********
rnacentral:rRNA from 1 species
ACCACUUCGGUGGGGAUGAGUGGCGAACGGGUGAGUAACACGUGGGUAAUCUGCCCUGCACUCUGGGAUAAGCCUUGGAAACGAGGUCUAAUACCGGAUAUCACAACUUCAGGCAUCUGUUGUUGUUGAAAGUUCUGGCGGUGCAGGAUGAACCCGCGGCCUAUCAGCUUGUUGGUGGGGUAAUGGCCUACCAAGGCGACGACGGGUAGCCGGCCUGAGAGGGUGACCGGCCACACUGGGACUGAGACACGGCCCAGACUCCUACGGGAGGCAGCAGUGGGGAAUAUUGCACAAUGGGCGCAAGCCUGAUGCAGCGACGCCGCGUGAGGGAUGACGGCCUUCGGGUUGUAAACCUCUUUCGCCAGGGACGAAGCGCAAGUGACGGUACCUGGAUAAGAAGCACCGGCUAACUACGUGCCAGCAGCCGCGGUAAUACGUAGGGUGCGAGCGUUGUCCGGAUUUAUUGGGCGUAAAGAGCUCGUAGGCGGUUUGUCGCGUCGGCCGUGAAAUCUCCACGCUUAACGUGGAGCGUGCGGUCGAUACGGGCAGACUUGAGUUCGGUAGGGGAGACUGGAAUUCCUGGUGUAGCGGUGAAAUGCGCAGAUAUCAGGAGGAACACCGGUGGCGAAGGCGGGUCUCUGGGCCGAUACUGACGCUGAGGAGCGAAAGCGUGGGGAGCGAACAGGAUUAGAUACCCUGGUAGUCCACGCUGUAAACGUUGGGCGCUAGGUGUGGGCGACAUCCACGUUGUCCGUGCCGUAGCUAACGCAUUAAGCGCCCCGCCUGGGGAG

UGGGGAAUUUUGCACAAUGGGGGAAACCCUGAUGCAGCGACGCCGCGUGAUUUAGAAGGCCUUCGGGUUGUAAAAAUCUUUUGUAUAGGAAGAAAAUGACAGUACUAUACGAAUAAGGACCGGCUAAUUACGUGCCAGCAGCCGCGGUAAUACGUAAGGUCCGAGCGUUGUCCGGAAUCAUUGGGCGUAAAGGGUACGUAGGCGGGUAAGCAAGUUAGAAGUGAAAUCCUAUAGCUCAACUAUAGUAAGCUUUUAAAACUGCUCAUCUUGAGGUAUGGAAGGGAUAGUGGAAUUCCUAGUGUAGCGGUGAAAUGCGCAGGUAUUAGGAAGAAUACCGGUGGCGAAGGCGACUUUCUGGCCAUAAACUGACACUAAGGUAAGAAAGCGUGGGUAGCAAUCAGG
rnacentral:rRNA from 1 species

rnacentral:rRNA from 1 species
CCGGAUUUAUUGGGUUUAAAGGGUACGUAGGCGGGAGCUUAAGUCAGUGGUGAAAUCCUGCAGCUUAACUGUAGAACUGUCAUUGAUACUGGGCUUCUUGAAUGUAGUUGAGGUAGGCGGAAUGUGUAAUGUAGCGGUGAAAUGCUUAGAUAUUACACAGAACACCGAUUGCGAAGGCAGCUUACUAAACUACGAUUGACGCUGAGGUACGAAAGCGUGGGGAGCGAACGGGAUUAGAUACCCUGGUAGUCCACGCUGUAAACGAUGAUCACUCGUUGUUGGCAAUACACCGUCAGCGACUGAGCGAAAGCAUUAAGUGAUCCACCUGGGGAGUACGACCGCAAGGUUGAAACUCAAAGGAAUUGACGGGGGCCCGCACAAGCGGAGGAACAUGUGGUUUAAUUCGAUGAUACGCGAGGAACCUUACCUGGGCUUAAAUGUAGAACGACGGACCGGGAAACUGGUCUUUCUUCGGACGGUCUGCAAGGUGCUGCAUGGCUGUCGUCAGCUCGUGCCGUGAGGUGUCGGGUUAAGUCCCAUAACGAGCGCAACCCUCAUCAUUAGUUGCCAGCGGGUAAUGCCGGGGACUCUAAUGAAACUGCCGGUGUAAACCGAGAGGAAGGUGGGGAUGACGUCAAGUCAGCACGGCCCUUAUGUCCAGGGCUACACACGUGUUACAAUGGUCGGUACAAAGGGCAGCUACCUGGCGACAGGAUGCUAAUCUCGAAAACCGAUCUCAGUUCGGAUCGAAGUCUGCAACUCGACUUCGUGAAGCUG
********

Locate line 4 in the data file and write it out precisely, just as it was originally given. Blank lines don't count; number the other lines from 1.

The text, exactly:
rnacentral:rRNA from 1 species